For Immediate Release
Rapid City Man Found Guilty of Firearm and Drug Charges
United States Attorney Ron Parsons announced that Jonathan Andrew Blacksmith, a/k/a Jon Andrew Blacksmith, age 44, was found guilty of 2 counts of Possession of a Firearm by a Prohibited Person, 2 counts of Possession with Intent to Distribute a Controlled Substance, and 1 count of Possession of a Firearm in Furtherance of Drug Trafficking Crime following a federal jury trial in Rapid City, South Dakota.
Each Possession of a Firearm by a Prohibited Person charge carries a maximum sentence of 10 years in federal prison and/or a $250,000 fine, 3 years of supervised release, and a $100 special assessment to the Federal Crime Victims Fund. The first Possession with Intent to Distribute a Controlled Substance charge carries a mandatory minimum sentence of 5 years to not more than 40 years in federal prison. The second charge of Possession with Intent to Distribute a Controlled Substance carries a maximum sentence of 5 years in prison. The charge of Possession of a Firearm in Furtherance of Drug Trafficking Crime carries a minimum of 5 years up to life in prison.
Evidence at trial established Blacksmith, knowing he was a convicted felon, possessed a Glock 9mm pistol in Kyle, South Dakota, on February 17, 2017, and a .40 caliber pistol in Rapid City in January 2017. Blacksmith distributed 50 grams or more of methamphetamine in Kyle in February 2017. In January 2017, Blacksmith distributed methamphetamine in Rapid City while in possession of the .40 caliber pistol.
Drug trafficking is an inherently violent activity. Firearms are tools of the trade for drug dealers. It is common to find drug traffickers armed with guns in order to protect their illegal drug product and cash, and enforce their illegal operations.
This case is part of Project Safe Neighborhoods (PSN), a program bringing together all levels of law enforcement and the communities they serve to reduce violent crime and make our neighborhoods safer for everyone. The Department of Justice reinvigorated PSN in 2017 as part of its renewed focus on targeting violent criminals, directing all U.S. Attorney’s Offices to work in partnership with federal, state, local, and tribal law enforcement and local communities to develop effective, locally-based strategies to reduce violent crime.
This case is also part of Project Guardian, the Department of Justice's signature initiative to reduce gun violence and enforce federal firearms laws. Initiated by the Attorney General in the fall of 2019, Project Guardian draws upon the Department's past successful programs to reduce gun violence; enhances coordination of federal, state, local, and tribal authorities in investigating and prosecuting gun crimes; improves information-sharing by the Bureau of Alcohol, Tobacco, Firearms and Explosives when a prohibited individual attempts to purchase a firearm and is denied by the National Instant Criminal Background Check System (NICS), to include taking appropriate actions when a prospective purchaser is denied by the NICS for mental health reasons; and ensures that federal resources are directed at the criminals posing the greatest threat to our communities. For more information about Project Guardian, please see: https://www.justice.gov/opa/pr/attorney-general-william-p-barr-announces-launch-project-guardian-nationwide-strategic-plan.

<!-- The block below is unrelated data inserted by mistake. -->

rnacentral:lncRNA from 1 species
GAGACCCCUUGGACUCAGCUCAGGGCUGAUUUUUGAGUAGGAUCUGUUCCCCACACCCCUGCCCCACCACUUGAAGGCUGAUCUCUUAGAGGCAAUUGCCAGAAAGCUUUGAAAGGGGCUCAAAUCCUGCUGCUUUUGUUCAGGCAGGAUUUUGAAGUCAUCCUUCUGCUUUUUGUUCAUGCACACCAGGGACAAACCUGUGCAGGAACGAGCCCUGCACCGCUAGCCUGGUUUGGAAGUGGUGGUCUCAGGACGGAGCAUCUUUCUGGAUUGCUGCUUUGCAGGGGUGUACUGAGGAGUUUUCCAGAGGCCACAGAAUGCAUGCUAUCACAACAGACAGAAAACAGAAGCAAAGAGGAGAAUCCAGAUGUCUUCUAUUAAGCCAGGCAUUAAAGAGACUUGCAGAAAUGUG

This case was investigated by federal, state and local agencies, including the Bureau of Indian Affairs Division of Drug Enforcement, the Pennington County Sheriff’s Office, the Rapid City Police Department, the Bureau of Alcohol, Tobacco, Firearms and Explosives, and the Unified Narcotics Enforcement Team ("UNET"), which is a local drug task force comprised of various agencies. Assistant U.S. Attorney Eric Kelderman prosecuted and tried the case.
A sentencing date has been set for June 22, 2020. Blacksmith was remanded to the custody of the U.S. Marshals Service pending sentencing.